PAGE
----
Question: Isn't Drilling for Our Own Oil a Better Option?

Thursday, May 26, 2011

Drilling our own oil improves our trade balance and generates American jobs, so it solves two big problems. But it doesn't solve three other big problems — the price of fuel, our vulnerability to OPEC's whims, and the unbounded wealth making its way from our wallets to radical Muslims.

If we drilled all our own oil, OPEC would still control the price of oil, and therefore would still have the ability to cause worldwide recessions, so it is an incomplete solution, which is completed by the Open Fuel Standard.

The two solutions together help solve all five problems, and they all need to be solved.

People often say, "Well, if we drilled our own oil, we wouldn't have to pay OPEC's price." But the only way this would be true is if we had an American company that was willing to sell oil to American consumers at a better price than the company could get for its oil on the world market. Or if the government forced the American company to sell it to us for less than it could get elsewhere. That seems unlikely.

Therefore, the world market price for oil will determine what Americans will pay for gas. And OPEC is such a large cartel, its production level determines the world price. OPEC deliberately keeps the price high and makes it spike higher occasionally, sending America into one recession after another, and draining us of our wealth. Read more about how this works.

The following is an excerpt from an article in the Wall Street Journal by James Woolsey and Anne Korin:

Oil is a fungible commodity with a global price. Even if the U.S. did not import a drop of oil — or if all, instead of just most, of our imports came from Canada and Mexico — we'd still be vulnerable to the vagaries of the oil market and price manipulation by OPEC.

In 2008, when the world price of oil rose to $147 a barrel, truckers in Britain struck against the huge resulting diesel price. The price skyrocketed even though the United Kingdom was then producing virtually all its own oil...

The cartel that dominates the global oil market sits on 78% of the world's conventional oil reserves. The reason it accounts for only about a third of world oil production is because it is a conspiracy in restraint of trade. When non-OPEC countries drill more, OPEC simply drills less and drives prices back up. If demand is reduced through a one-time improvement in efficiency, OPEC again drills less and prices zip back up...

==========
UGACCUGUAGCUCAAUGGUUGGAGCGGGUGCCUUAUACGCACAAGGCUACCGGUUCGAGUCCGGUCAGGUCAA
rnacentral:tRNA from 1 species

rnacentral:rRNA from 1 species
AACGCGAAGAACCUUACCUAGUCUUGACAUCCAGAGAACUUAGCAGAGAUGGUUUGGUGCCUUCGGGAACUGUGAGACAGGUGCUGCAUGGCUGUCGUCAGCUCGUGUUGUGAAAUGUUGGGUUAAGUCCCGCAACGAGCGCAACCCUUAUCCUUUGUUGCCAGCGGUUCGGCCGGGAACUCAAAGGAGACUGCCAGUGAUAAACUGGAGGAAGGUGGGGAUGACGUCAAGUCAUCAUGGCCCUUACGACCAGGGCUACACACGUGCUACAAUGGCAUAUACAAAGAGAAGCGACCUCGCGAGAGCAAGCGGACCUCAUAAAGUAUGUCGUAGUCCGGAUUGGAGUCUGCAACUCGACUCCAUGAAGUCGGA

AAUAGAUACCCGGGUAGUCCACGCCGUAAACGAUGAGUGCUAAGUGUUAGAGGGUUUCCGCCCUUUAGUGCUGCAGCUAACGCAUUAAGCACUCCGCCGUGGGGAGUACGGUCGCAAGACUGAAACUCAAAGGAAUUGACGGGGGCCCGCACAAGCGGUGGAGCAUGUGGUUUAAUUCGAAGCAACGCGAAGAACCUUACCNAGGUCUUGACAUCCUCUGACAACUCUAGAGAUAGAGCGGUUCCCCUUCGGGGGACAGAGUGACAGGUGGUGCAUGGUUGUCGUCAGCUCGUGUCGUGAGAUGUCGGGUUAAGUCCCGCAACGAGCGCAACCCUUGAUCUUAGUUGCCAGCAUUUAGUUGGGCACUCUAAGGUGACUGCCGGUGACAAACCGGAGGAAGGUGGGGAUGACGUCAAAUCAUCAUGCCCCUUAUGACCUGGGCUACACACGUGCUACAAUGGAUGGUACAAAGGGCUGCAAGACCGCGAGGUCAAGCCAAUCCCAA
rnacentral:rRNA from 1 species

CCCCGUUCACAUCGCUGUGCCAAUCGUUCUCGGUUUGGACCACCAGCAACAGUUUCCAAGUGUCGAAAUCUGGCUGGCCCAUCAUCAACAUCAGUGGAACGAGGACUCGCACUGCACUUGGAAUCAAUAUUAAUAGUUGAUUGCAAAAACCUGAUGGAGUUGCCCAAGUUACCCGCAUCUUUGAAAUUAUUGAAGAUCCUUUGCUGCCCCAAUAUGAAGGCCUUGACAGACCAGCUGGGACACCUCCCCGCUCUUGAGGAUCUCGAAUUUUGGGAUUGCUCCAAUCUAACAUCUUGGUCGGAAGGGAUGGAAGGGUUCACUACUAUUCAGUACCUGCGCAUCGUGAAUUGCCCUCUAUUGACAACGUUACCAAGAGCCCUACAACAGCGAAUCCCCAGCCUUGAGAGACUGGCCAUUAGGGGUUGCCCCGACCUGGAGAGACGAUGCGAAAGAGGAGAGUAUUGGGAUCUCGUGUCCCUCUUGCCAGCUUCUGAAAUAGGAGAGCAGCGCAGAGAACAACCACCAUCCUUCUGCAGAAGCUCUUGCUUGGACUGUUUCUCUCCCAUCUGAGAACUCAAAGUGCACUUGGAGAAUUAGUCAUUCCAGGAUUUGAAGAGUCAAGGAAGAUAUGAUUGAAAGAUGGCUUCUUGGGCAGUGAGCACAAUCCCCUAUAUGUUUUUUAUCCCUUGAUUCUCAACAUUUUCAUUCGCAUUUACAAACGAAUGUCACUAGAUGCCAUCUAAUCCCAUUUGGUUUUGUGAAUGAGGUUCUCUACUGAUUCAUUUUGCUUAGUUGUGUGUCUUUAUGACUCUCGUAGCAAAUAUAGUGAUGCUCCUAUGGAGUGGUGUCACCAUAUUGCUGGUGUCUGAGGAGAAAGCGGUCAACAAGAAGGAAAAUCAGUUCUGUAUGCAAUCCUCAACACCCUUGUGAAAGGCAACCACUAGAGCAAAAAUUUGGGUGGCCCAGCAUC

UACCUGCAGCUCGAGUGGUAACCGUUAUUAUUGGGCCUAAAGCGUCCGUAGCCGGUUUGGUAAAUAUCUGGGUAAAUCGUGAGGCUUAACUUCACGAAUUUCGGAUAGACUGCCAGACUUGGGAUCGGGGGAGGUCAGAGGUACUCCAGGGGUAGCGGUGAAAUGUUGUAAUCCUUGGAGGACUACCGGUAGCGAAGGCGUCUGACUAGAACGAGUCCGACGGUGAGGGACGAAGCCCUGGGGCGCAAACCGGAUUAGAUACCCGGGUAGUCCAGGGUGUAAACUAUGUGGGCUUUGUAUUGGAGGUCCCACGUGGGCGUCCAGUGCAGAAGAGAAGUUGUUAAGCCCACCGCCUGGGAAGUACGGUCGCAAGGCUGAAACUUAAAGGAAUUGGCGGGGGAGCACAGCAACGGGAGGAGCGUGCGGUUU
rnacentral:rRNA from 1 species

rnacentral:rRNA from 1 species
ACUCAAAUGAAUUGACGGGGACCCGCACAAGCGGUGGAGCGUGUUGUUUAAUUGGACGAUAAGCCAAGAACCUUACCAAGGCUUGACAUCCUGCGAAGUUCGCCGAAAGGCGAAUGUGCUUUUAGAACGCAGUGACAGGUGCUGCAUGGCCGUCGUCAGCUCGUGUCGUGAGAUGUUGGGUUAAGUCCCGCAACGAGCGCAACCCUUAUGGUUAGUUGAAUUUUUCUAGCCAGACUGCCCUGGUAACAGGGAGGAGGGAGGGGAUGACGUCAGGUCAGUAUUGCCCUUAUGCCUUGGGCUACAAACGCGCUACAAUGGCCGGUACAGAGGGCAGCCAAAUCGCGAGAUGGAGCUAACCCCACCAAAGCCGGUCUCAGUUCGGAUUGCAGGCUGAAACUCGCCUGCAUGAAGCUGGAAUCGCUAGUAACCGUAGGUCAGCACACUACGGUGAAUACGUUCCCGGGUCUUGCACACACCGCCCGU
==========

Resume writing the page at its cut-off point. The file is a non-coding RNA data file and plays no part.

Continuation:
To outmaneuver OPEC, the market needs to be able to react dynamically. That means giving purchasers of fuel the ability to choose a different fuel at the pump if it's cheaper that day than gasoline or diesel...

One very good way to accomplish this is for Congress to adopt the Open Fuel Standard Act...

Brazilians already have this option: During the oil price spike in 2008, with 90% of their new cars fuel flexible, they bought more alcohol fuel than gasoline.

CBS: "More US drilling didn't drop gas price"

Why You Should Support the Open Fuel Standard Even if You Are Against Mandates in Principle


Anonymous,  March 27, 2013 at 6:52 PM  

I disagree. I believe if America would begin drilling and refining as fast as possible, OPEC would face competition, always a good start. Sure they can quit drilling for a WHILE, but their revenues will go drastically down with reduced sales and eventually, they will have to begin selling again. What this articles misses is the long-term effect of tapping into our huge oil resources, not to mention refining it ourselves and the jobs and low prices that would effect. If America has its own oil in the amounts we are capable of, OPEC would lose much of its influence here and worldwide, and oil would become just another commodity without the ability to harm our economy as it does now.

Adam for Fuel Competition June 10, 2013 at 6:21 PM  

IF oil companies in the United States were able to produce as much oil as 12 of the highest producing countries in the world combined (OPEC) and could sustain it, and IF the growing demand for oil in China and elsewhere didn't keep up with the production in the U.S. and IF the U.S. companies could produce the oil cheaply enough; then yes, it seems likely that oil prices would come down, as long as Saudi Arabia didn't retaliate by producing so much oil that it made more expensively-produced oil everywhere in the world unprofitable (Saudi Arabia can produce a barrel of oil for less than two dollars). But they probably would because what other recourse would they have? Let the U.S. take away their dominance? They have no other source of income to speak of. If they produced oil at maximum capacity they could drastically drop the world price of oil, making most other sources of oil unprofitable, at least until Saudi Arabia ran out, which wouldn't be anytime soon.

Felicity Sanderson April 15, 2015 at 3:49 PM  

That actually is a good point that you brought up in the fourth paragraph where Americans would have to sell to American consumers at a lower price than OPEC. That could potentially be more difficult to be a lower price is what I'm getting from that paragraph, correct? Whatever OPEC does, or any other oil drilling company, they try to make it as affordable and as profitable as they can to make both parties happy. Would you agree with that?

Adam Khan April 16, 2015 at 1:42 AM  

Here's what I'm getting at: Anybody who drills oil can sell ALL the oil they can drill at top dollar. Why would anyone sell it for less?

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